It’s important to understand that the general unsecured debts are often paid relatively little in a Chapter 13 case. It’s common that you’d pay only 5 or 10 cents on the dollar, and almost always no interest or penalties. In many parts of the country you can even pay 0 cents on the dollar. That’s because the debtor owes secured or priority debts which use up all the money he or she can afford to pay.

Debt Scenarios Handled Well by Chapter 13

Chapter 13 deals with secured debts often better than does Chapter 7. That’s especially true if you’re behind on a debt with collateral you really want to keep. Under Chapter 7 you’d usually have to get current on a vehicle almost immediately to be able to keep it. You have many months—or even a year or two—to catch up under Chapter 13. If you’re behind on your home mortgage you get up to 5 years to catch up.

Chapter 13 also gives you some very powerful tools for dealing with secured debts unavailable under Chapter 7. You may be able to “strip” a second or third mortgage off your home’s title. You may be able to do a “cramdown” on your vehicle loan or other personal property debt, potentially greatly reducing your monthly payment and the total you pay.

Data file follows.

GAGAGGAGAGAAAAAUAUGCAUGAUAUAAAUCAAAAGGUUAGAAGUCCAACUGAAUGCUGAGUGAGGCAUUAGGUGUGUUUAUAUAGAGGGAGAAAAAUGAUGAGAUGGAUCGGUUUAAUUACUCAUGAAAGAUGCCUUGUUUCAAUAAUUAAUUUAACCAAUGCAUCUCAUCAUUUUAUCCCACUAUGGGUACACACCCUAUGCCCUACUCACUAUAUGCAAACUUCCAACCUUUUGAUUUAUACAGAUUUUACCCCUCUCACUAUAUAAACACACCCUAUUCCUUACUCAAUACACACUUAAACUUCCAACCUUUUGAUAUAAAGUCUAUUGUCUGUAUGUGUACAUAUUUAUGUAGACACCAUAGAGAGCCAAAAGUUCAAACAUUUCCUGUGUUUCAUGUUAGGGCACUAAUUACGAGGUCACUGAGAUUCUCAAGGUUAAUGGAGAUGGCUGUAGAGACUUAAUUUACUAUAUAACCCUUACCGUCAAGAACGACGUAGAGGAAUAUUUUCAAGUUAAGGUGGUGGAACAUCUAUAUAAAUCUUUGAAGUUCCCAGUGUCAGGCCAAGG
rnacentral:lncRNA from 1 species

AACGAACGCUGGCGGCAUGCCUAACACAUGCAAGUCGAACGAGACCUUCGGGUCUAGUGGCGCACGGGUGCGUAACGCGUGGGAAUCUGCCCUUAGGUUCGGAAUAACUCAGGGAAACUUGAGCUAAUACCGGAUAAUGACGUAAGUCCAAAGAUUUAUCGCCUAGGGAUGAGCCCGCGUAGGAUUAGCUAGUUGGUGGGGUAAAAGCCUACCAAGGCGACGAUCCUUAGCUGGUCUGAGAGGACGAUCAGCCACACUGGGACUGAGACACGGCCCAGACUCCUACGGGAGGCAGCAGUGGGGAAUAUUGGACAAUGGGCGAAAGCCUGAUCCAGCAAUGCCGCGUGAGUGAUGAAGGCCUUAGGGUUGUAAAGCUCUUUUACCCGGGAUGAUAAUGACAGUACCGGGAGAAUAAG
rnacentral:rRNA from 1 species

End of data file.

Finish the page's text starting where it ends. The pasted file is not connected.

With priority debts, Chapter 13 gives you tremendous power and flexibility. It stops collection of support arrearage, and gives you months or years to catch up—as long as you keep current on ongoing support. With unpaid income taxes Chapter 13 provides many benefits. It prevents future tax liens. It enables you to deal with prior-recorded tax liens extremely well. Chapter 13 gives you up to 5 years to pay taxes that can’t be discharged. Usually throughout that time you pay no ongoing interest or penalties.

Conclusion 

It’s a bit of an oversimplification to say that simple debts lead to Chapter 7 while more complicated ones lead to Chapter 13. But, as we’ve just shown, that’s often the situation.

But just as you are a unique human being, your circumstances are unique. Get the unique assessment of your options that you need from an experienced and empathetic bankruptcy lawyer.

 

Good Timing Can Shorten Your Chapter 13 Case by 2 Years

October 11th, 2017 at 7:00 am